Cordelia's Honor

By Lois McMaster Bujold

A while back I solicited recommendations for some new reading material. I'd just finished reading Thomas Pynchon's V, which was difficult and, I thought, pretentious, and ultimately unsatisfying, so I asked for something fun and easy to read, preferably science fiction, since I hadn't read anything in that genre in a while. Several people recommended Bujold's Vorkosigan saga, with this book as a good starting point. I looked into it a bit, finding that the series is well-regarded--indeed, various stories in its collection have won four Hugos and two Nebulas--as well as quite extended. I then more or less forgot about it for the next year and a half.

Earlier this month, as so often happens around this time of year, I found myself with some Borders gift cards that I'd received for Christmas and a reading list that had inexplicably grown over the past year. (I read 14 books in 2009, and probably heard about 20 or so that caught my interest.) Consequently, my nightstand got more cluttered and my lunchbreaks got more interesting. Also a little longer. Anyway, one of the books I picked up this year was, as you might guess, this one. Cordelia's Honor comprises the first book in the Vorkosigan series, Shards of Honor, and its sequel, Barrayar, which were, somewhat interestingly, not written consecutively--Barrayar was, from what I can tell, actually the eighth book written in the series. It's actually a little surprising to me that the two novels were written so far apart, because there's such a strong continuity between the two, and the style seems identical. Reading them together it feels almost more like one continuous novel than two separate works.

I'm getting a bit ahead of myself, though. What did I actually think of these books? Well, they were easy to read and fun, so on that level they were successful. But I can't quite decide whether or not I thought they were good. I found myself a little... annoyed isn't quite the right word, but perhaps a little disbelieving at some of the characters' motivations and behaviors--people kept having personal interludes at what seemed like really inappropriate times, and often the characters just didn't feel very natural to me. And there was a lot of what felt like social commentary from the author, but presented in a way that felt kind of clumsy to me. On the other hand, I found the story compelling enough that I finished it in just over a week and a half, and am finding myself very much interested in continuing the series. And although it struck me as a bit silly at times, the setting and characters seem to resonate with me in ways similar to the way that David Eddings' Belgariad did when I was a kid or the way the Horatio Hornblower books did more recently.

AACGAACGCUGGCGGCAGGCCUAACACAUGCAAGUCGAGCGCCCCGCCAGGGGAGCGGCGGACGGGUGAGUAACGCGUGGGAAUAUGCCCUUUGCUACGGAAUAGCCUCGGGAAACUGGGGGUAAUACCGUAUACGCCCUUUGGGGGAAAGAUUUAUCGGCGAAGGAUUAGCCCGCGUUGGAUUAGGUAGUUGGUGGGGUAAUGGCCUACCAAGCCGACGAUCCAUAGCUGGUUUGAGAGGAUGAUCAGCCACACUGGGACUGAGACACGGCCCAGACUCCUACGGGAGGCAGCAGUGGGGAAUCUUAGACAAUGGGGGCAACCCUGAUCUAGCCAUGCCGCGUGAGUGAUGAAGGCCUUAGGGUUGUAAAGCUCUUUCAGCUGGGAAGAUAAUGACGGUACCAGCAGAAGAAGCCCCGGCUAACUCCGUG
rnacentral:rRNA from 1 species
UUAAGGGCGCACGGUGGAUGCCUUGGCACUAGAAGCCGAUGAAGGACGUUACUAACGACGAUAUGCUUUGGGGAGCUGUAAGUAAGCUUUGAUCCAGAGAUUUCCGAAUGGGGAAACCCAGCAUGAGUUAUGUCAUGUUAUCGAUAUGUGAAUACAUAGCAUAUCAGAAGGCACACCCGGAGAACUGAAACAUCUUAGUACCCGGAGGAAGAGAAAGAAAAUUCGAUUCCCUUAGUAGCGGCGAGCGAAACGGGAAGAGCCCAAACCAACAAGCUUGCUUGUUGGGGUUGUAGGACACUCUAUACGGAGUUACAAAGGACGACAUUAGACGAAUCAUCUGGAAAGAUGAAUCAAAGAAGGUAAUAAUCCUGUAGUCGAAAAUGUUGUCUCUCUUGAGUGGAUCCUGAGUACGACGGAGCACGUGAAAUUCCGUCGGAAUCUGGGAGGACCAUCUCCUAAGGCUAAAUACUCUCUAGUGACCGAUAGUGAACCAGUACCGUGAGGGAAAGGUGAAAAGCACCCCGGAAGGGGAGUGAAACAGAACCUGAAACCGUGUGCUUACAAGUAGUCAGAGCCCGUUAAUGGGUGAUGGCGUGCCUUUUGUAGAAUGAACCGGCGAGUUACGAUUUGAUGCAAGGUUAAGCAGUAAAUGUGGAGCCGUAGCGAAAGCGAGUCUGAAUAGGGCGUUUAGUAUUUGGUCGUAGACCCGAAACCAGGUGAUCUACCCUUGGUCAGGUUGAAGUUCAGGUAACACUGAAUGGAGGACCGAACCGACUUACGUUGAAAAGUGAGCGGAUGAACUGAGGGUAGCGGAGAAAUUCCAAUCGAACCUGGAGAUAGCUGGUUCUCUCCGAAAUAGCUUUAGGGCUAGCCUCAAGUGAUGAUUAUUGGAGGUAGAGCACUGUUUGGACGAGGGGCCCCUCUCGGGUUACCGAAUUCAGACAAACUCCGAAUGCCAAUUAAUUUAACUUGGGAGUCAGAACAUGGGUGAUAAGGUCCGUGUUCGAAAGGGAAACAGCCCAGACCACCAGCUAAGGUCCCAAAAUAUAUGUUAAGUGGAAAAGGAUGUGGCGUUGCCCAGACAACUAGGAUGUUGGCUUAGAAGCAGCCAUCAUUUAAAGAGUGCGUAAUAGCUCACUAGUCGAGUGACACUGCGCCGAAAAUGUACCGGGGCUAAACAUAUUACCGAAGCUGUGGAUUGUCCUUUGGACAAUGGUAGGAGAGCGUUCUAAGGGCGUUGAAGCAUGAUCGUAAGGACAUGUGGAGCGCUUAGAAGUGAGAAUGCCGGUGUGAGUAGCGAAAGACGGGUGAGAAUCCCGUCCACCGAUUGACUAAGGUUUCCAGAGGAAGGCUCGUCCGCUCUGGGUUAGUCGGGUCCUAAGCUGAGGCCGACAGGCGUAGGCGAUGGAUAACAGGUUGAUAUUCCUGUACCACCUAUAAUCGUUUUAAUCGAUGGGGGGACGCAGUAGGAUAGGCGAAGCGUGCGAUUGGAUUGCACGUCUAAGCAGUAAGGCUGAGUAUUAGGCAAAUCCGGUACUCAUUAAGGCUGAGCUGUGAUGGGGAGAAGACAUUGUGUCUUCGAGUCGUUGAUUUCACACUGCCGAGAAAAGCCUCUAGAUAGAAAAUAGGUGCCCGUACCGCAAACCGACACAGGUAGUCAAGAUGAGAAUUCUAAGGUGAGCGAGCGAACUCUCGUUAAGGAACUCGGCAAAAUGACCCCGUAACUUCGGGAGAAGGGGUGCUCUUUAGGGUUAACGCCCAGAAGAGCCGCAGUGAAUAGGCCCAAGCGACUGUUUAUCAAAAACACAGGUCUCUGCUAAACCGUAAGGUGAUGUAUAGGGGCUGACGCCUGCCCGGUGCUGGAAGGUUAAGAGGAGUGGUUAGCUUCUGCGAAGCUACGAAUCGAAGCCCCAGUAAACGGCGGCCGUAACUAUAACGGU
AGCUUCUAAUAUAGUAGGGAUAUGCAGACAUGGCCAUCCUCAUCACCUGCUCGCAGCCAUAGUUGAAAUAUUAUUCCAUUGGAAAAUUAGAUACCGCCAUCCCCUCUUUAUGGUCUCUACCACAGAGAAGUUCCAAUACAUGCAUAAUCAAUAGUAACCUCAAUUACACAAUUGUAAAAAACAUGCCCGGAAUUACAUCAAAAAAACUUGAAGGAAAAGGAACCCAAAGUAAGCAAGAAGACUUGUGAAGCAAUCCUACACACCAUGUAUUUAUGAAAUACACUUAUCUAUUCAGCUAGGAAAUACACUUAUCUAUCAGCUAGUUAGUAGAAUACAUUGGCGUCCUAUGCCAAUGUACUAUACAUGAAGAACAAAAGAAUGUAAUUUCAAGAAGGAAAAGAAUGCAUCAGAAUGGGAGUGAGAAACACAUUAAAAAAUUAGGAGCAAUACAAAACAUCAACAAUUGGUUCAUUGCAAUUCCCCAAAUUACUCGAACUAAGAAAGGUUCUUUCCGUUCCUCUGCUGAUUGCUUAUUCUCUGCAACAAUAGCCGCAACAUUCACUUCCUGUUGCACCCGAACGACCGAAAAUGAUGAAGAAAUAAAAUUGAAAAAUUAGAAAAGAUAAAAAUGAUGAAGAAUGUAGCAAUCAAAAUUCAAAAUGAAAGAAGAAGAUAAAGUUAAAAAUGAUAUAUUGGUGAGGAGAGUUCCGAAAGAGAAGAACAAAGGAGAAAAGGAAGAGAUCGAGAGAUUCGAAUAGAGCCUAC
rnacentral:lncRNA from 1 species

In a lot of ways, reading this series was like slipping into a well-worn pair of jeans or some nicely broken-in sneakers. It was comfortable and maybe kind of comforting. So I guess I'll be picking up the next omnibus, Young Miles, at some point. I have to chip away a bit at that stack on my nightstand first, though.

Started: 1/4/2010 | Finished: 1/15/2010

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I feel the same way about these books. Comfortable, but not "woah!" worth. (not like "the gone-away world", one of the best science-fiction book I have read in a while.)


I recently read the Young Miles volume, which was my first exposure to Vorkosigans and Bujold. I think you've summed it up nicely.